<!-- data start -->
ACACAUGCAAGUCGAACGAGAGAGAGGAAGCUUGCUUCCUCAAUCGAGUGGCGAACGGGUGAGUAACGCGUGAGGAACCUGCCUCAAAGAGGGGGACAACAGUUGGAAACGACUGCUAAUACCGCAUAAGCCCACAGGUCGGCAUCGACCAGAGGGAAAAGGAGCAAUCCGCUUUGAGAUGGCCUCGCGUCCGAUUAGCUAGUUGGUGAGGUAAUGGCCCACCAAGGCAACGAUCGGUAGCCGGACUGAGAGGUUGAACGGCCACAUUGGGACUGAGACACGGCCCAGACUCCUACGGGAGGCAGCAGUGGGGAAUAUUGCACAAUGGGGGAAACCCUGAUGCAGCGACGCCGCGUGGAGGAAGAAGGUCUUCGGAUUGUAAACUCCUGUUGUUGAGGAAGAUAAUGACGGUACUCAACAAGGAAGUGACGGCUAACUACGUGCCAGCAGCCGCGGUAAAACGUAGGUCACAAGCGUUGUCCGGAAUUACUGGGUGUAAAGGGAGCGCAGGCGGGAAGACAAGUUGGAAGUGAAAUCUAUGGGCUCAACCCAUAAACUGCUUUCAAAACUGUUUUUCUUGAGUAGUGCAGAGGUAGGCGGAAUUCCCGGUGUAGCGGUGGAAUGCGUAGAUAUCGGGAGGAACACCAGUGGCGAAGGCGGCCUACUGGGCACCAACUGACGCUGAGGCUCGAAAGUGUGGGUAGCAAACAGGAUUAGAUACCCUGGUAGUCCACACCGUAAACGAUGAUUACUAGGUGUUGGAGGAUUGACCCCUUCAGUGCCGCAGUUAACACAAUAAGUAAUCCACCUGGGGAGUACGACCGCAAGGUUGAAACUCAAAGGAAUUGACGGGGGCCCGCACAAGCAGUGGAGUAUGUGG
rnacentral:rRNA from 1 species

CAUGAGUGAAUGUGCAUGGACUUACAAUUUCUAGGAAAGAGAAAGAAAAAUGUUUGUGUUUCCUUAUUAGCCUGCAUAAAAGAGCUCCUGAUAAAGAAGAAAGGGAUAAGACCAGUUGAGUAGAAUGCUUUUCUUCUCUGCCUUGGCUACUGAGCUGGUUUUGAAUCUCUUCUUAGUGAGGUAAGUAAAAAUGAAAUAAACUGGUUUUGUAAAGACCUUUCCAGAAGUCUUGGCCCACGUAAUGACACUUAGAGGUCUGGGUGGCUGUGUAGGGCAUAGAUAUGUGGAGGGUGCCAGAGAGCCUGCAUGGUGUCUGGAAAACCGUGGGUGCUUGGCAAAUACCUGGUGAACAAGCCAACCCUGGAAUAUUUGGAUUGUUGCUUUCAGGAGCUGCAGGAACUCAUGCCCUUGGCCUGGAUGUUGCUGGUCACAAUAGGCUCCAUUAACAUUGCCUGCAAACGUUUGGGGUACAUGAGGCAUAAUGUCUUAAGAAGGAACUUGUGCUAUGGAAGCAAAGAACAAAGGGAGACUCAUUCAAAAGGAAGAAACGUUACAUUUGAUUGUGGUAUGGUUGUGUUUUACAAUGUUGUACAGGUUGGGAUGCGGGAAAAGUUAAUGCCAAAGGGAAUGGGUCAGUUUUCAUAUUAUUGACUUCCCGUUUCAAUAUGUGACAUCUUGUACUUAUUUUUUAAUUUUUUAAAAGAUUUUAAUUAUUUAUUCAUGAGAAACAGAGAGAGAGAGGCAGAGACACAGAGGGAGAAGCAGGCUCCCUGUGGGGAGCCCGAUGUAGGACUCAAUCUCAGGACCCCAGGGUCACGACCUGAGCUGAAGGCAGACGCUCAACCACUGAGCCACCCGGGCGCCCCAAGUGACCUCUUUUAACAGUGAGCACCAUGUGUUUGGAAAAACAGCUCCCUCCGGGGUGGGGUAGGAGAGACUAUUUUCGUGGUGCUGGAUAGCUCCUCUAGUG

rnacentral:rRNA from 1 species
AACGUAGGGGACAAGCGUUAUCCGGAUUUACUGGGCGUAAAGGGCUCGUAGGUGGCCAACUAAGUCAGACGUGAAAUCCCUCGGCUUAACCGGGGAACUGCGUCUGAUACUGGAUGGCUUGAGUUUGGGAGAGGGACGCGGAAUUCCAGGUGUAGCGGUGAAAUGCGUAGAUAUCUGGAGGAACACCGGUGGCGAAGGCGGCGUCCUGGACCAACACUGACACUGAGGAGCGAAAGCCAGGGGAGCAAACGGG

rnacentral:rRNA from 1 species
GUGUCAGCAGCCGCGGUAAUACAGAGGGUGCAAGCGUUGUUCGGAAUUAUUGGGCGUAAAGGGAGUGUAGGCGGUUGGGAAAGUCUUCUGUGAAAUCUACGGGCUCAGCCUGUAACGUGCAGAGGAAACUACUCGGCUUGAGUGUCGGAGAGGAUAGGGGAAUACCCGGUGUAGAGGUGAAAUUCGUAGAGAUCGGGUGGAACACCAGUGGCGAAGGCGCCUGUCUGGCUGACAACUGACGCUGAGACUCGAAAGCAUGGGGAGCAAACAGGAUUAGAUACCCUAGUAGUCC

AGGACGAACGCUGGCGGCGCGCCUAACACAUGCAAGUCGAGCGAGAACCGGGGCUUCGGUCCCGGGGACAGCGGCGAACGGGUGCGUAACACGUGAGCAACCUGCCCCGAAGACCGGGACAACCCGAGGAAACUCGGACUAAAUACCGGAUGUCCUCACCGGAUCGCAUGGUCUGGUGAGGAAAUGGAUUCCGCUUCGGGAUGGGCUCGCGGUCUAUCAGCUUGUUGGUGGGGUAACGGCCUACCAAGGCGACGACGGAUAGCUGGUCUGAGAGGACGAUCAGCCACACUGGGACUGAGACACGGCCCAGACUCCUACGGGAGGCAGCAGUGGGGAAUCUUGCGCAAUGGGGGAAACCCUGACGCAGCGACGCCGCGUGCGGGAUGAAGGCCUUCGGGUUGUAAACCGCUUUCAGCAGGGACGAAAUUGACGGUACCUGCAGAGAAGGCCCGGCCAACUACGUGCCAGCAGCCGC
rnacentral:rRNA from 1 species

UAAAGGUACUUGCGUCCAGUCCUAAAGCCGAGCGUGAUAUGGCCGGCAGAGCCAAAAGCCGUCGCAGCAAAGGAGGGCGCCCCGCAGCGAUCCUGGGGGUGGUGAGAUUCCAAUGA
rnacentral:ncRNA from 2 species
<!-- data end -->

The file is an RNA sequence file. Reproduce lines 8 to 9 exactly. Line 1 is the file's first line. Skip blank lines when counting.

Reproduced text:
AGGACGAACGCUGGCGGCGCGCCUAACACAUGCAAGUCGAGCGAGAACCGGGGCUUCGGUCCCGGGGACAGCGGCGAACGGGUGCGUAACACGUGAGCAACCUGCCCCGAAGACCGGGACAACCCGAGGAAACUCGGACUAAAUACCGGAUGUCCUCACCGGAUCGCAUGGUCUGGUGAGGAAAUGGAUUCCGCUUCGGGAUGGGCUCGCGGUCUAUCAGCUUGUUGGUGGGGUAACGGCCUACCAAGGCGACGACGGAUAGCUGGUCUGAGAGGACGAUCAGCCACACUGGGACUGAGACACGGCCCAGACUCCUACGGGAGGCAGCAGUGGGGAAUCUUGCGCAAUGGGGGAAACCCUGACGCAGCGACGCCGCGUGCGGGAUGAAGGCCUUCGGGUUGUAAACCGCUUUCAGCAGGGACGAAAUUGACGGUACCUGCAGAGAAGGCCCGGCCAACUACGUGCCAGCAGCCGC
rnacentral:rRNA from 1 species